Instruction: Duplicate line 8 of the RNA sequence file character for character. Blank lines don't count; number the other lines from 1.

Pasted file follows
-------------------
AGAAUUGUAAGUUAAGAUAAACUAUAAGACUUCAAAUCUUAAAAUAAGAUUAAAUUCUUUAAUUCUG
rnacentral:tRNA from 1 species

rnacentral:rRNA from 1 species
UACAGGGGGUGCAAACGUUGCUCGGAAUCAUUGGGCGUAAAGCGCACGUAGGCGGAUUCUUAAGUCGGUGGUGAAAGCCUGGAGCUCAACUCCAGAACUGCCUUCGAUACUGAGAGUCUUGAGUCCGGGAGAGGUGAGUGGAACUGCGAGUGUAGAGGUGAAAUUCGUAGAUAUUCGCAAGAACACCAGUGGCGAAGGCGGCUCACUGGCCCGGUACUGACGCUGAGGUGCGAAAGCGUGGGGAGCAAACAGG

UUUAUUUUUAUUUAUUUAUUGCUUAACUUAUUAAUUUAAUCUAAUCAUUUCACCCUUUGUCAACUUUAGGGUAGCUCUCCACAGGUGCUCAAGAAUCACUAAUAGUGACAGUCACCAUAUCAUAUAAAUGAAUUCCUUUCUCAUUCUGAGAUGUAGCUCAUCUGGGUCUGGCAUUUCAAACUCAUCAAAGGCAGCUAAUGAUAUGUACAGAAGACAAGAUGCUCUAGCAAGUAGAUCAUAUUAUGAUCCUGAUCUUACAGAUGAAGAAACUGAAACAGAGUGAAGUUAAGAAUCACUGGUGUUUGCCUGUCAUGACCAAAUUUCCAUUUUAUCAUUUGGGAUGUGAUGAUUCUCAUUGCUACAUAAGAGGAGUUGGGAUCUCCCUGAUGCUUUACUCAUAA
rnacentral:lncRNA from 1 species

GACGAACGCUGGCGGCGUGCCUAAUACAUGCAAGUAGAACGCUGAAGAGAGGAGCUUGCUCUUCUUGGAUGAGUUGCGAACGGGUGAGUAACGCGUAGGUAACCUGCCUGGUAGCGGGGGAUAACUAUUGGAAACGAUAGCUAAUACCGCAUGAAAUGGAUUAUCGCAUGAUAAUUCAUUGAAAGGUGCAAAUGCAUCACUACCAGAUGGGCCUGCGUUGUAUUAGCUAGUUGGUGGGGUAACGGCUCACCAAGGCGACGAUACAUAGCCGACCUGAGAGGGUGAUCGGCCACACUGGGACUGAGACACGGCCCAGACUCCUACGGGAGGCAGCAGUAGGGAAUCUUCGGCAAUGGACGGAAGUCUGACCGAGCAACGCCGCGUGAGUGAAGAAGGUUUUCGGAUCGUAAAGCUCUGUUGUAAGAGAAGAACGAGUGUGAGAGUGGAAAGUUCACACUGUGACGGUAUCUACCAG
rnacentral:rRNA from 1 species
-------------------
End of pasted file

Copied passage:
rnacentral:rRNA from 1 species